Title of host publicationComputational Materials Chemistry: Methods and Applications
PublisherSpringer Netherlands
Pages308-367
Number of pages60
ISBN (Print)1402017677, 9781402017674
DOIs
Publication statusPublished - 2005

Fingerprint

Charge injection
Molecules
Metals
Electric space charge
Thermal energy
Charge transfer
Molecular electronics
Electric potential
Electronic properties
Defects
Molecular structure
Temperature
Wire
Vacuum deposition
Electron affinity
Electrodes
Electron injection
Electrons
Ionization potential
Ohmic contacts

ASJC Scopus subject areas

  • Materials Science(all)
  • Chemistry(all)

Cite this

Burin, A. L., & Ratner, M. A. (2005). Charge injection in molecular devices-order effects. In Computational Materials Chemistry: Methods and Applications (pp. 308-367). Springer Netherlands. https://doi.org/10.1007/1-4020-2117-8_8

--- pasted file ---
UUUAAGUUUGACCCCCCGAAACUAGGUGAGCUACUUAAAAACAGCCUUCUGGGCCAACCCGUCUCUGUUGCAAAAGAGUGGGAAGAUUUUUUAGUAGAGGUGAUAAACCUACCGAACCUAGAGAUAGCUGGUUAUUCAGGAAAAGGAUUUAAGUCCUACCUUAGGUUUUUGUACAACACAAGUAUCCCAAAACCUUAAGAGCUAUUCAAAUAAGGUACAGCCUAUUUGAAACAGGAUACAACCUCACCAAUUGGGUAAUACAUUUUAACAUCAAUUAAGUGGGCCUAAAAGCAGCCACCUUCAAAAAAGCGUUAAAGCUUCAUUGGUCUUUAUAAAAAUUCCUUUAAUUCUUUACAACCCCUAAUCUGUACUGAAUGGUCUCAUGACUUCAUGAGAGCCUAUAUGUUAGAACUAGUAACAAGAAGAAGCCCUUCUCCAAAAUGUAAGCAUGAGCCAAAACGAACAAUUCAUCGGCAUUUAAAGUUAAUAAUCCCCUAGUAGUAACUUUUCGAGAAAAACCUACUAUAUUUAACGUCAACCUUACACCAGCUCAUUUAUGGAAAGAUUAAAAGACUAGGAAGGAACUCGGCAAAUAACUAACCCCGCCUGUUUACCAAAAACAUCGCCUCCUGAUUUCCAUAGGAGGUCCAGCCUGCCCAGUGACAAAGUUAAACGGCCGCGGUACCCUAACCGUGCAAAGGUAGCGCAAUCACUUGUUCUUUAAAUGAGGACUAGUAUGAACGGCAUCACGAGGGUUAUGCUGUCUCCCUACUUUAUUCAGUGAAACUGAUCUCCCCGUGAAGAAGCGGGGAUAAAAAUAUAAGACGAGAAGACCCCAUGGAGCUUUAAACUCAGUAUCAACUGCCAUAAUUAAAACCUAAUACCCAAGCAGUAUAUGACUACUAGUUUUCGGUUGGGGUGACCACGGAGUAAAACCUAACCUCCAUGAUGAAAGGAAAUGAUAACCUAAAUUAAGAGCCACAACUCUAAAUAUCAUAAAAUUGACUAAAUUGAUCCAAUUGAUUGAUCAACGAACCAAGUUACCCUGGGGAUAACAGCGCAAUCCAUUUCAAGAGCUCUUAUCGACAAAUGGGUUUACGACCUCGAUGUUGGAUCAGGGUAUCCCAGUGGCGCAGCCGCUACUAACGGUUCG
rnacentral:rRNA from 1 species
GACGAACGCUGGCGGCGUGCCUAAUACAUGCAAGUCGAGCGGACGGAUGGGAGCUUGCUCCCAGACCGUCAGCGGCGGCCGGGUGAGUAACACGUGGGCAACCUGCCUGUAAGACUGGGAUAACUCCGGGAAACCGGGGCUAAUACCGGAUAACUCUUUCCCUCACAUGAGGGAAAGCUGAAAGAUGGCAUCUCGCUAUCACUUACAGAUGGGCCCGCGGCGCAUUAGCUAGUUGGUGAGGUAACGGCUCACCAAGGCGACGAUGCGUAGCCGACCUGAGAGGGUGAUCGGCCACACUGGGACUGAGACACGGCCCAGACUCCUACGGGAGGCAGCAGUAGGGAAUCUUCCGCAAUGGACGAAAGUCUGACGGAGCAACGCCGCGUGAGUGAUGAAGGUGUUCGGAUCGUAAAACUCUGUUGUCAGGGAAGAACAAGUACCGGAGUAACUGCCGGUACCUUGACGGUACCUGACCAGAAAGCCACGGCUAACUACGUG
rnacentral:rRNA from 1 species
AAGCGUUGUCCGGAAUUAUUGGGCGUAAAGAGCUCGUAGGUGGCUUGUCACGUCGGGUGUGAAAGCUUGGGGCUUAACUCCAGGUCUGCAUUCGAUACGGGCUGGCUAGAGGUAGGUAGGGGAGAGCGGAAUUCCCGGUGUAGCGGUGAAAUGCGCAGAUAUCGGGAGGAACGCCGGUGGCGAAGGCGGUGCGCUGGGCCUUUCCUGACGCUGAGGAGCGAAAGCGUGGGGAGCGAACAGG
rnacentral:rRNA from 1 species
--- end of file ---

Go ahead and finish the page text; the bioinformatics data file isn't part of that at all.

Charge injection in molecular devices-order effects. / Burin, A. L.; Ratner, Mark A.

Computational Materials Chemistry: Methods and Applications. Springer Netherlands, 2005. p. 308-367.

Research output: Chapter in Book/Report/Conference proceedingChapter

Burin, AL & Ratner, MA 2005, Charge injection in molecular devices-order effects. in Computational Materials Chemistry: Methods and Applications. Springer Netherlands, pp. 308-367. https://doi.org/10.1007/1-4020-2117-8_8
Burin AL, Ratner MA. Charge injection in molecular devices-order effects. In Computational Materials Chemistry: Methods and Applications. Springer Netherlands. 2005. p. 308-367 https://doi.org/10.1007/1-4020-2117-8_8
Burin, A. L. ; Ratner, Mark A. / Charge injection in molecular devices-order effects. Computational Materials Chemistry: Methods and Applications. Springer Netherlands, 2005. pp. 308-367
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title = "Charge injection in molecular devices-order effects",